Last week I talked about kitchen terms we use daily and what they mean; this week, I thought I’ll go a bit further and share some culinary terms and what they mean. Many of these are taken from the French language and are commonly used in professional kitchens. For us chefs, we use them normally, even at home, which sometimes might require an explanation to our friends and family who might not be aware of these terminologies. Here are some culinary terms and what they mean…….
It’s a French term that means a vegetable base consisting of carrots, onions, and celery. It is a flavour base for many stews, stocks, or soups. The vegetables are usually finely diced and lightly cooked as a base of a dish in butter or oil to release all flavours and aromas from the vegetables and provides the dish with the extra flavour it needs.
Pronounced as ‘roo’ and is a combination of flour and butter (fat) used to thicken sauces and is a common base for many sauces. This is used to make a béchamel, veloute, and many others, with the quantities being equal parts of fat to flour. This base needs to be cooked well, as if undercooked, can give you a floury taste in the end result.
This term can also be termed as a chemical reaction of reducing fats and sugar by the impact of heat giving the foods that caramelised or brown effect and making it more flavourful. It could be associated with the searing of steaks, caramels, bread, and many more.
Tempering has two meanings in the culinary world, and both are very different from each other:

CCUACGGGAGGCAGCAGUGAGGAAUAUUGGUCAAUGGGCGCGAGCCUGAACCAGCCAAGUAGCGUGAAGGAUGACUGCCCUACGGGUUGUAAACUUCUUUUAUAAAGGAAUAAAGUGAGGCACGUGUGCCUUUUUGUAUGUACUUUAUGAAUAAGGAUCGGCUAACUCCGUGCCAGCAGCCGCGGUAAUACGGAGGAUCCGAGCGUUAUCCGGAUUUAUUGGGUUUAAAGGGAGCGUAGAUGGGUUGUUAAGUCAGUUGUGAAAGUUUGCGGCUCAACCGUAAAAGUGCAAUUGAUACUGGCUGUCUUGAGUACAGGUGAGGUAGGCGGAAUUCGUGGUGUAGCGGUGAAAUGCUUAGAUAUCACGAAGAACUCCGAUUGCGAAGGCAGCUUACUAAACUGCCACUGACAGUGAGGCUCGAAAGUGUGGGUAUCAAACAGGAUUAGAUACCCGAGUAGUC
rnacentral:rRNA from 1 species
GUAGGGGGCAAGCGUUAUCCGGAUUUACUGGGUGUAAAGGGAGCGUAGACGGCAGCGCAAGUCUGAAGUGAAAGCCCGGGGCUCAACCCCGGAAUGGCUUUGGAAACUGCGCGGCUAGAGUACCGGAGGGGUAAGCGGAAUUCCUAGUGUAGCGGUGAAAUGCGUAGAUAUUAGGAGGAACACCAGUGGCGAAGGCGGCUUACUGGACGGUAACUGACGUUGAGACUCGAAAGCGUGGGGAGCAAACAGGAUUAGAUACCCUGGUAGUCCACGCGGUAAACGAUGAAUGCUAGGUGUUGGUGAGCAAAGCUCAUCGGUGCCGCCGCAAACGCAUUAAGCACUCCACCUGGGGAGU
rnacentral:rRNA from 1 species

- Tempering is a cooking method where the food is heated, brought to a temperature, and then cooled down in a controlled environment to achieve the desired product. Its mainly associated with chocolate as chocolate is heated up and cooled down, resulting in tempering; providing it with a nice shine, gives it a nice brittle snap, and prevents the chocolate from blooming.
2. The other meaning of tempering is mainly used in India and other South-Asian countries, where whole spices are roasted in ghee or oil to extract the flavours from the spices while enhancing the flavour at the same time. Used as a garnish of a dish, providing it with extra flavour and aroma when served.
Flambé is a process of adding high-proof liquor like wine, brandy or any other and to a hot pan creating a burst of flames with burning down the raw alcohol flavour and leaving a sweet and subtle taste behind. It’s the best way of burning the alcohol down in the dish and might look cool to look at, but I won’t advise anyone to try it at home as it could be dangerous. These activities are done in a trained and controlled environment and at home can cause your fire alarm to go off, but in the professional kitchen is a prevalent term and a common technique used.
These are some of the culinary terms I can think of, and hopefully, if you weren’t aware of what they meant, this blog will help and give you a bit more insights into the culinary world.